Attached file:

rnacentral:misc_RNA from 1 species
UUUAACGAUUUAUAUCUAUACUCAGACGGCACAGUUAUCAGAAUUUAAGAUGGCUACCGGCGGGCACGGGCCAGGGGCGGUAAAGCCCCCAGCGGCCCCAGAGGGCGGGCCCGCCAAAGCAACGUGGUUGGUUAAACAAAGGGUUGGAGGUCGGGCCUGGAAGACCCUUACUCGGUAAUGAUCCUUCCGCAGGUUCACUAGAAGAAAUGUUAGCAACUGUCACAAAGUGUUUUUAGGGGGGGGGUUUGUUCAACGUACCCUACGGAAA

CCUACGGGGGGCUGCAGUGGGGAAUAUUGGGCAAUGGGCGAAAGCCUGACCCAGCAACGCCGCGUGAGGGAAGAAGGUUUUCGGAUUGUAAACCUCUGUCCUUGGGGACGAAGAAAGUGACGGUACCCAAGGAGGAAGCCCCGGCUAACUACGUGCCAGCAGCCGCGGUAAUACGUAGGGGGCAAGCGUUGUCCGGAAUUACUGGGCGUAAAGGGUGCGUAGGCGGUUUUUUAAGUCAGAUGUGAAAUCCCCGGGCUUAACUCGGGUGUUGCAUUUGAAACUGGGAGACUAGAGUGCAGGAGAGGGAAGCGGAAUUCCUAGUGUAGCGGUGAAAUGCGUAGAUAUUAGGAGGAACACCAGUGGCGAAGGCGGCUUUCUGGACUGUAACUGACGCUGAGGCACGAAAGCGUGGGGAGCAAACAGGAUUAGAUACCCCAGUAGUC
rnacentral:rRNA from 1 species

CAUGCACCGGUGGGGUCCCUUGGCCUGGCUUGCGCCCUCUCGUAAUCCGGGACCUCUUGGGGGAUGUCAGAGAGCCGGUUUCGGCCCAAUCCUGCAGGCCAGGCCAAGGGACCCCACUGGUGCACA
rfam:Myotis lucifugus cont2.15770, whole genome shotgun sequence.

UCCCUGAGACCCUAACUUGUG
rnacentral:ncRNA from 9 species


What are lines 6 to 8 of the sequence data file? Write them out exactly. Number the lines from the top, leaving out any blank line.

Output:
rfam:Myotis lucifugus cont2.15770, whole genome shotgun sequence.

UCCCUGAGACCCUAACUUGUG
rnacentral:ncRNA from 9 species